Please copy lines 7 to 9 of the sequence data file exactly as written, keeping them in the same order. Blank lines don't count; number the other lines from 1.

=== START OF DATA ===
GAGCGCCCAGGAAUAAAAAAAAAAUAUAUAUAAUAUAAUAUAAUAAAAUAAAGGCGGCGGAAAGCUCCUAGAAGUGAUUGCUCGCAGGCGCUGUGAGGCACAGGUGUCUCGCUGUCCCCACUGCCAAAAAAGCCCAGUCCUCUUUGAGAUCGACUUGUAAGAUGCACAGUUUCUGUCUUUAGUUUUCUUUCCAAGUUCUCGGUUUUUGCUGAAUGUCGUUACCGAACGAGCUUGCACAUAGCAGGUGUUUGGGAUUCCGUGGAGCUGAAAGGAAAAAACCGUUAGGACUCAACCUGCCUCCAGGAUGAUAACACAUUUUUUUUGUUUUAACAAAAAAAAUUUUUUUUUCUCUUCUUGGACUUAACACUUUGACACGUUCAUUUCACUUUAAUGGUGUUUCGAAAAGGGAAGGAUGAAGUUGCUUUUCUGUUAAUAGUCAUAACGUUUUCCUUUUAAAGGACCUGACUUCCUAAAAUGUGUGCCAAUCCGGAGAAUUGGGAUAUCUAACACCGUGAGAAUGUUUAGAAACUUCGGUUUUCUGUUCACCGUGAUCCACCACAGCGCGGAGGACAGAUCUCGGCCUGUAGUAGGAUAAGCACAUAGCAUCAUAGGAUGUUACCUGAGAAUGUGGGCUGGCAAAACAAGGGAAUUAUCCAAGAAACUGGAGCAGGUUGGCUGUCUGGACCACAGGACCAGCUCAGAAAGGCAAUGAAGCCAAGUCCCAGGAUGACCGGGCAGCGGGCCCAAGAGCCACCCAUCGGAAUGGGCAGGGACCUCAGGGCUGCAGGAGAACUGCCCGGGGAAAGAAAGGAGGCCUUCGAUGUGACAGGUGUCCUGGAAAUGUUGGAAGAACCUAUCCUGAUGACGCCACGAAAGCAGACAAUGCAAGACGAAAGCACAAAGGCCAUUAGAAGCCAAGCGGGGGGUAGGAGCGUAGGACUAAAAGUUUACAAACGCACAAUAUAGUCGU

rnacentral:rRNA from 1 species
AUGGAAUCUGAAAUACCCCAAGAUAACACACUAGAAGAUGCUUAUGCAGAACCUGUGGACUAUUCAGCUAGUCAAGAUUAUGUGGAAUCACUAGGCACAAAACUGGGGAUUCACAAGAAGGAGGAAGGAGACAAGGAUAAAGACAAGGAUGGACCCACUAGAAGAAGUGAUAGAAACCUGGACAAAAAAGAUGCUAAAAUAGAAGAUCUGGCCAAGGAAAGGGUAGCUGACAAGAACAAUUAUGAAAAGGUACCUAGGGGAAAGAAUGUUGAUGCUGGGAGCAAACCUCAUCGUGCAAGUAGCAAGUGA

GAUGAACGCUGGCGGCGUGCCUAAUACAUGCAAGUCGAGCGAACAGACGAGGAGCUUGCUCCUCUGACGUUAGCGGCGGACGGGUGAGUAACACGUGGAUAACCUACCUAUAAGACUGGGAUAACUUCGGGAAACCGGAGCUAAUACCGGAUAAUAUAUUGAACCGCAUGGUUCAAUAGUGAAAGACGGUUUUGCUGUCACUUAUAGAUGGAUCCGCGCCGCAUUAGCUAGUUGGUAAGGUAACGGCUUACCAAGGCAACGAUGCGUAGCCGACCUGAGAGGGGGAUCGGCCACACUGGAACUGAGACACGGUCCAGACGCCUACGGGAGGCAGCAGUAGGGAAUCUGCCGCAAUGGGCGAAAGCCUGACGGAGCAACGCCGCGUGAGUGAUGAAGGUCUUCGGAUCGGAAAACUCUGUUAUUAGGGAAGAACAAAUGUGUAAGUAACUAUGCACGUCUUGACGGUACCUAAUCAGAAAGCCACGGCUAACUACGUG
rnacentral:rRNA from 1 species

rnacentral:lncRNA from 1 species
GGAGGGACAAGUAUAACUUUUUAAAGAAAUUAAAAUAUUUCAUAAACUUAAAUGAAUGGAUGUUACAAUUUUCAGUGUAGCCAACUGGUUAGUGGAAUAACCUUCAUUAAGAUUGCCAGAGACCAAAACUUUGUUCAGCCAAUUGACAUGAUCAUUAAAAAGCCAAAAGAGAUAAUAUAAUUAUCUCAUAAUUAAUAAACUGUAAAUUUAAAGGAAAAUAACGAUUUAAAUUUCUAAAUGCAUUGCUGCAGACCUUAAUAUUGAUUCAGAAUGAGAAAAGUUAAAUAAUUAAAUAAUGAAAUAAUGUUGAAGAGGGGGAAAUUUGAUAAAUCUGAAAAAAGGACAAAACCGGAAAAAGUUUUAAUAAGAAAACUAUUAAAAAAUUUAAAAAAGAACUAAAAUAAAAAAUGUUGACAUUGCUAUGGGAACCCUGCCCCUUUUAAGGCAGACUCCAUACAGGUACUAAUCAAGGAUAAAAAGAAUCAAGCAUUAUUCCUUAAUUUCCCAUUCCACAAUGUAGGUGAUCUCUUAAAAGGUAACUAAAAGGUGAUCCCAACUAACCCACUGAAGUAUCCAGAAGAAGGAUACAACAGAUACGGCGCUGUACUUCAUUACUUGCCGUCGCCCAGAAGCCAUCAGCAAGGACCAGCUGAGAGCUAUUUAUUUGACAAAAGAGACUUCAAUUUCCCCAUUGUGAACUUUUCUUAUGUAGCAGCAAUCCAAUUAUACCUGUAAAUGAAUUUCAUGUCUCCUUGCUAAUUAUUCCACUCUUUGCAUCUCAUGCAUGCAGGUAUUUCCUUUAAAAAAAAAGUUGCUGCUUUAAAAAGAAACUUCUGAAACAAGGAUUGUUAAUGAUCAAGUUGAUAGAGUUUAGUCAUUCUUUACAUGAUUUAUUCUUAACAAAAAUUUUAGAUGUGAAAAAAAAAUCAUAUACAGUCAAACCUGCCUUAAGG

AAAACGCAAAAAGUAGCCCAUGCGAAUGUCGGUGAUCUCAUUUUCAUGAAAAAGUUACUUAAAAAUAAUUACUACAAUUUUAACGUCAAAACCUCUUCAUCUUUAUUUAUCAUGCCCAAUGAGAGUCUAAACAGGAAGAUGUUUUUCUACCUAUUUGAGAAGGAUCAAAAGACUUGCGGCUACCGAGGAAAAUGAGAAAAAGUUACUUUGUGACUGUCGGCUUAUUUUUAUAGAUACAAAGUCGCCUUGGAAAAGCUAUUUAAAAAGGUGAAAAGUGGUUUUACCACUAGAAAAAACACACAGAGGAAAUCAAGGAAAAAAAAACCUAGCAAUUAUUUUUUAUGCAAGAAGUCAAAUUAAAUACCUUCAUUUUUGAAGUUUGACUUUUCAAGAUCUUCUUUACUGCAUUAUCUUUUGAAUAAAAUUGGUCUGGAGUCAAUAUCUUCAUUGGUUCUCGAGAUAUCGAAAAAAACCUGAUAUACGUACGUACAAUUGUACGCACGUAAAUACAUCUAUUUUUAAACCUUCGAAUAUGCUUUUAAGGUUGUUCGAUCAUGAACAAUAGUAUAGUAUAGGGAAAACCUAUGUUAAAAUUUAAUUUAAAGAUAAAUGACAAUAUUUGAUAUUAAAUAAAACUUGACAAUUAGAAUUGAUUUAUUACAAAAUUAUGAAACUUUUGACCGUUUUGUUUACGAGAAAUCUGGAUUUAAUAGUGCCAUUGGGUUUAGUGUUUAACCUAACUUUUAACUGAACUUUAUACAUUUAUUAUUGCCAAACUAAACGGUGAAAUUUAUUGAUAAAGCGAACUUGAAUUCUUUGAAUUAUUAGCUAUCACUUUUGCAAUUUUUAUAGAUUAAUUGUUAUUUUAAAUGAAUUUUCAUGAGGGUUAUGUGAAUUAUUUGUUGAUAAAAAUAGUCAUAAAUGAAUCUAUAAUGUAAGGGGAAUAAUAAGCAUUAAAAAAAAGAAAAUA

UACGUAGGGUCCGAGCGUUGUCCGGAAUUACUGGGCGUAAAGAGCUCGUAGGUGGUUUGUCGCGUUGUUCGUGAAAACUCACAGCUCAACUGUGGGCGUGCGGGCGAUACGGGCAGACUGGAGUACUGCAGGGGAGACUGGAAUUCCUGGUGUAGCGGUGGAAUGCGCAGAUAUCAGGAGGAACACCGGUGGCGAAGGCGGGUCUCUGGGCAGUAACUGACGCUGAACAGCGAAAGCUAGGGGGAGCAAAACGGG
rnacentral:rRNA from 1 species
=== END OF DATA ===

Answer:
GGAGGGACAAGUAUAACUUUUUAAAGAAAUUAAAAUAUUUCAUAAACUUAAAUGAAUGGAUGUUACAAUUUUCAGUGUAGCCAACUGGUUAGUGGAAUAACCUUCAUUAAGAUUGCCAGAGACCAAAACUUUGUUCAGCCAAUUGACAUGAUCAUUAAAAAGCCAAAAGAGAUAAUAUAAUUAUCUCAUAAUUAAUAAACUGUAAAUUUAAAGGAAAAUAACGAUUUAAAUUUCUAAAUGCAUUGCUGCAGACCUUAAUAUUGAUUCAGAAUGAGAAAAGUUAAAUAAUUAAAUAAUGAAAUAAUGUUGAAGAGGGGGAAAUUUGAUAAAUCUGAAAAAAGGACAAAACCGGAAAAAGUUUUAAUAAGAAAACUAUUAAAAAAUUUAAAAAAGAACUAAAAUAAAAAAUGUUGACAUUGCUAUGGGAACCCUGCCCCUUUUAAGGCAGACUCCAUACAGGUACUAAUCAAGGAUAAAAAGAAUCAAGCAUUAUUCCUUAAUUUCCCAUUCCACAAUGUAGGUGAUCUCUUAAAAGGUAACUAAAAGGUGAUCCCAACUAACCCACUGAAGUAUCCAGAAGAAGGAUACAACAGAUACGGCGCUGUACUUCAUUACUUGCCGUCGCCCAGAAGCCAUCAGCAAGGACCAGCUGAGAGCUAUUUAUUUGACAAAAGAGACUUCAAUUUCCCCAUUGUGAACUUUUCUUAUGUAGCAGCAAUCCAAUUAUACCUGUAAAUGAAUUUCAUGUCUCCUUGCUAAUUAUUCCACUCUUUGCAUCUCAUGCAUGCAGGUAUUUCCUUUAAAAAAAAAGUUGCUGCUUUAAAAAGAAACUUCUGAAACAAGGAUUGUUAAUGAUCAAGUUGAUAGAGUUUAGUCAUUCUUUACAUGAUUUAUUCUUAACAAAAAUUUUAGAUGUGAAAAAAAAAUCAUAUACAGUCAAACCUGCCUUAAGG

AAAACGCAAAAAGUAGCCCAUGCGAAUGUCGGUGAUCUCAUUUUCAUGAAAAAGUUACUUAAAAAUAAUUACUACAAUUUUAACGUCAAAACCUCUUCAUCUUUAUUUAUCAUGCCCAAUGAGAGUCUAAACAGGAAGAUGUUUUUCUACCUAUUUGAGAAGGAUCAAAAGACUUGCGGCUACCGAGGAAAAUGAGAAAAAGUUACUUUGUGACUGUCGGCUUAUUUUUAUAGAUACAAAGUCGCCUUGGAAAAGCUAUUUAAAAAGGUGAAAAGUGGUUUUACCACUAGAAAAAACACACAGAGGAAAUCAAGGAAAAAAAAACCUAGCAAUUAUUUUUUAUGCAAGAAGUCAAAUUAAAUACCUUCAUUUUUGAAGUUUGACUUUUCAAGAUCUUCUUUACUGCAUUAUCUUUUGAAUAAAAUUGGUCUGGAGUCAAUAUCUUCAUUGGUUCUCGAGAUAUCGAAAAAAACCUGAUAUACGUACGUACAAUUGUACGCACGUAAAUACAUCUAUUUUUAAACCUUCGAAUAUGCUUUUAAGGUUGUUCGAUCAUGAACAAUAGUAUAGUAUAGGGAAAACCUAUGUUAAAAUUUAAUUUAAAGAUAAAUGACAAUAUUUGAUAUUAAAUAAAACUUGACAAUUAGAAUUGAUUUAUUACAAAAUUAUGAAACUUUUGACCGUUUUGUUUACGAGAAAUCUGGAUUUAAUAGUGCCAUUGGGUUUAGUGUUUAACCUAACUUUUAACUGAACUUUAUACAUUUAUUAUUGCCAAACUAAACGGUGAAAUUUAUUGAUAAAGCGAACUUGAAUUCUUUGAAUUAUUAGCUAUCACUUUUGCAAUUUUUAUAGAUUAAUUGUUAUUUUAAAUGAAUUUUCAUGAGGGUUAUGUGAAUUAUUUGUUGAUAAAAAUAGUCAUAAAUGAAUCUAUAAUGUAAGGGGAAUAAUAAGCAUUAAAAAAAAGAAAAUA

UACGUAGGGUCCGAGCGUUGUCCGGAAUUACUGGGCGUAAAGAGCUCGUAGGUGGUUUGUCGCGUUGUUCGUGAAAACUCACAGCUCAACUGUGGGCGUGCGGGCGAUACGGGCAGACUGGAGUACUGCAGGGGAGACUGGAAUUCCUGGUGUAGCGGUGGAAUGCGCAGAUAUCAGGAGGAACACCGGUGGCGAAGGCGGGUCUCUGGGCAGUAACUGACGCUGAACAGCGAAAGCUAGGGGGAGCAAAACGGG